Yayoi aims to create an environment where each and every employee can find fulfillment in their work and demonstrate their full potential.

Master of Ceremonies 

Kekoa Erber is an alumnus of the 2017 TOMODACHI Daiwa House Student Leadership Conference in Chicago. He attended the U.S.-Japan Council 2018 Annual Conference in Tokyo as a TOMODACHI alumnus. Kekoa is an Associate Member of the U.S.-Japan Council. Currently, Kekoa works as the Government Relations Associate at the Association for Psychological Science (APS) in Washington, DC where he advocates for support for psychological and behavioral science. He is pursuing a Master of Arts in Security Policy Studies with a concentration in Transnational Security from George Washington University. His research interests include the security of East Asia and environmental security. Kekoa holds a Bachelor of Arts degree from DePaul University in Political Science and Psychology. While in undergrad he completed two short term study abroad trips to China and to Okinawa, Japan.

Momoko Tajima is an alumna of the TOMODACHI MetLife Women’s Leadership Program 2019-2020. She is currently a senior at Kyushu University where she is studying international politics and law. She is particularly interested in better understanding the relationship between Japan and other countries in the field of human rights protection and environmental issues from a Corporate Social Responsibility (CSR) perspective. This interest and curiosity led her to participate in various exchange programs such as student conferences on environmental issues in Malaysia, the 2020 UK-Japan Student Conference, the Japan- East Asia Network of Exchange for Students and Youths 2020 (JENESYS 2020), a program supported by the Ministry of Foreign Affairs of Japan. She was also a student delegate of ÖJAB (Österreichische JungArbeiterBewegung / Austrian Young Workers Movement) in Vienna to learn about refugee relief. She has been participating in the TOMODACHI Alumni Internship Program since June 2021. Her goals for the internship are to “network with TOMODACHI alumni to strengthen the relationship between students and professionals, cities and regions and to improve my ability to plan and create many opportunities and events to empower people.”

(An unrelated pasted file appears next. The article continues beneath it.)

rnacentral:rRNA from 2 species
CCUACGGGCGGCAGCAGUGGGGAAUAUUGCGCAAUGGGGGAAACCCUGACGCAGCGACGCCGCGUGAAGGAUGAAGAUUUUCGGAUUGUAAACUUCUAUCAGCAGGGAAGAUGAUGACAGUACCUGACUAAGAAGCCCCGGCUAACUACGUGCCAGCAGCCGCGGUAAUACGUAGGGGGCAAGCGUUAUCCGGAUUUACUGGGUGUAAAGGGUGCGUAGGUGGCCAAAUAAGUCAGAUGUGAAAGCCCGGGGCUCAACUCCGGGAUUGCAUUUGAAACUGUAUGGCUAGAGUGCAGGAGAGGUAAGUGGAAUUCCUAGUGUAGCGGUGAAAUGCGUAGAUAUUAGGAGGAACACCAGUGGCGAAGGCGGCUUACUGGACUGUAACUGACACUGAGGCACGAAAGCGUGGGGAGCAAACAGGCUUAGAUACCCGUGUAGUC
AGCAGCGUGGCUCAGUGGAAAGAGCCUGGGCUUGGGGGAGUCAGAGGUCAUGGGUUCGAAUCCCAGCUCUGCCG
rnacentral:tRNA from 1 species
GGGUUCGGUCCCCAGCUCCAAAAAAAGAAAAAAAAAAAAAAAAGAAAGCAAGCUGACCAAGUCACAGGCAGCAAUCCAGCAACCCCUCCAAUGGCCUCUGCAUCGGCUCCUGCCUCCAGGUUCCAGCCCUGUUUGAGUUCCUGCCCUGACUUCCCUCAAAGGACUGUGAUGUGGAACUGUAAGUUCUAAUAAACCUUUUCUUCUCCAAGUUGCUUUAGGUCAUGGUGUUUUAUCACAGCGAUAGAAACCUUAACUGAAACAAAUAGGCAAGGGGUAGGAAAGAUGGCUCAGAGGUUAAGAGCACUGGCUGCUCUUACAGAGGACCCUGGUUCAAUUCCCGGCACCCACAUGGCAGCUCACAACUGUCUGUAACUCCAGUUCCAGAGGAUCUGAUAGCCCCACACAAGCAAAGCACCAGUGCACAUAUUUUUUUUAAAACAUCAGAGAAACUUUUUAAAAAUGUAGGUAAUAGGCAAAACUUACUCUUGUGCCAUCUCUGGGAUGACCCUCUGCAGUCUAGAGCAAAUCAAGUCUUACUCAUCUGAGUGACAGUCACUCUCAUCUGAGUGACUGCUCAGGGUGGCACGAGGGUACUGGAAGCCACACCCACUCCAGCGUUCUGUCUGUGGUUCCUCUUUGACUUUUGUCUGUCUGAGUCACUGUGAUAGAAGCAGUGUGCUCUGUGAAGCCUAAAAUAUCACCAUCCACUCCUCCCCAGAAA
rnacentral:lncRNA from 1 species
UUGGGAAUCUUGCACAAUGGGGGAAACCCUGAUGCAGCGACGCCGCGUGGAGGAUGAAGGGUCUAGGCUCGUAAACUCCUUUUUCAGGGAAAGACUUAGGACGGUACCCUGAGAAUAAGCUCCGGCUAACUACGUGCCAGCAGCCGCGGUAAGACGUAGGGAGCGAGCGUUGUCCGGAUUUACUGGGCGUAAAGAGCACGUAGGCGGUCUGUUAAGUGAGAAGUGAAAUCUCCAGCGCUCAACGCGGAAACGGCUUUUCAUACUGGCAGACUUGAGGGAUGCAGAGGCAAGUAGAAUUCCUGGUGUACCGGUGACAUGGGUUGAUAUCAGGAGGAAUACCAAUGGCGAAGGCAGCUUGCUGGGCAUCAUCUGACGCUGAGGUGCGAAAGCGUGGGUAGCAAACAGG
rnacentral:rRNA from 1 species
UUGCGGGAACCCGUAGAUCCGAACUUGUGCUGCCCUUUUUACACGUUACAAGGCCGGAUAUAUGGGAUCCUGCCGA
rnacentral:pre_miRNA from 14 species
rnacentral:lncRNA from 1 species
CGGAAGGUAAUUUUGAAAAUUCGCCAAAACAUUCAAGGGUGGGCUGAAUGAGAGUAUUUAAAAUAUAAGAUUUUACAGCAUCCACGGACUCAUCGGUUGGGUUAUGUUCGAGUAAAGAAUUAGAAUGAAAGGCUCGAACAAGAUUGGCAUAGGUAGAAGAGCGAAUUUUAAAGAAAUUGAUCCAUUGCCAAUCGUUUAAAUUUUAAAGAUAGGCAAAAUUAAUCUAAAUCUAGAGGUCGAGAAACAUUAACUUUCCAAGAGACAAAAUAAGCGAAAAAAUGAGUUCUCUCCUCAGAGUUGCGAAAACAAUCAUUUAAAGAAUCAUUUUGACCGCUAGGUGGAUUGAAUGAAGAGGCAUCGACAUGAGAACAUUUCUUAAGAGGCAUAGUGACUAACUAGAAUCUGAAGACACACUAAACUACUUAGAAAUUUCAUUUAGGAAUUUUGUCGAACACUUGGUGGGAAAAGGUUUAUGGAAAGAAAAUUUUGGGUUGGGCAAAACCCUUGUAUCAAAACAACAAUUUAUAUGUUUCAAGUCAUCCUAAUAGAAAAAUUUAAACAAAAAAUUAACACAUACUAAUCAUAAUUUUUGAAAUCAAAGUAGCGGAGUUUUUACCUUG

Keynote Speech

Robin Takashi Lewis is an alumnus of the TOMODACHI NGO Leadership Program and a social entrepreneur based in Japan, recently recognised by M.I.T. Technology Review in its inaugural “Top Innovators Under-35” Japan awards. He is Co-founder of mymizu, a platform to reduce consumption of single-use plastics through the power of technology and community. For 10+ years, Robin has worked with social enterprises, NGOs and inter-governmental organizations, including the World Bank, and has managed sustainable development projects around the world, including in Japan, Haiti, Vanuatu and Mozambique. Robin is also the Representative Director of Social Innovation Japan, a platform for social good focusing on the UN Sustainable Development Goals (SDGs), named by Nikkei as one of the 100 companies building the future of Japan and a two-time winner of Japan’s ‘Minister of Environment Prize’. He holds Board Member positions at Shibuya QWS and Youth4Nature, and graduated with an M.A. in International Business from the University of Edinburgh, UK.